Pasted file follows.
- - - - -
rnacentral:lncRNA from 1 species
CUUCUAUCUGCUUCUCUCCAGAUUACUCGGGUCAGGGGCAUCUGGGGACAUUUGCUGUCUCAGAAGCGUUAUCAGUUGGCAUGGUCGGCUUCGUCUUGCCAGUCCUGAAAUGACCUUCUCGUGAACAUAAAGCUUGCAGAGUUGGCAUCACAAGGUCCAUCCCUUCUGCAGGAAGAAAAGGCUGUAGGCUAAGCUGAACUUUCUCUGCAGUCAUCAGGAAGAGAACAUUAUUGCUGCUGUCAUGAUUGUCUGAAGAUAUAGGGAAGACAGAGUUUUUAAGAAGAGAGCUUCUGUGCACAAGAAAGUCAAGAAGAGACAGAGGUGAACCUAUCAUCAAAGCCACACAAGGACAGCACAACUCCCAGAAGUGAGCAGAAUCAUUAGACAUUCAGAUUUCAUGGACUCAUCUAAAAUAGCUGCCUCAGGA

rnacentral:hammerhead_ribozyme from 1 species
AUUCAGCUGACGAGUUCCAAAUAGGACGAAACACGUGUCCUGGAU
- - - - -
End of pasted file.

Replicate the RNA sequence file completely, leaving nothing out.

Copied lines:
rnacentral:lncRNA from 1 species
CUUCUAUCUGCUUCUCUCCAGAUUACUCGGGUCAGGGGCAUCUGGGGACAUUUGCUGUCUCAGAAGCGUUAUCAGUUGGCAUGGUCGGCUUCGUCUUGCCAGUCCUGAAAUGACCUUCUCGUGAACAUAAAGCUUGCAGAGUUGGCAUCACAAGGUCCAUCCCUUCUGCAGGAAGAAAAGGCUGUAGGCUAAGCUGAACUUUCUCUGCAGUCAUCAGGAAGAGAACAUUAUUGCUGCUGUCAUGAUUGUCUGAAGAUAUAGGGAAGACAGAGUUUUUAAGAAGAGAGCUUCUGUGCACAAGAAAGUCAAGAAGAGACAGAGGUGAACCUAUCAUCAAAGCCACACAAGGACAGCACAACUCCCAGAAGUGAGCAGAAUCAUUAGACAUUCAGAUUUCAUGGACUCAUCUAAAAUAGCUGCCUCAGGA

rnacentral:hammerhead_ribozyme from 1 species
AUUCAGCUGACGAGUUCCAAAUAGGACGAAACACGUGUCCUGGAU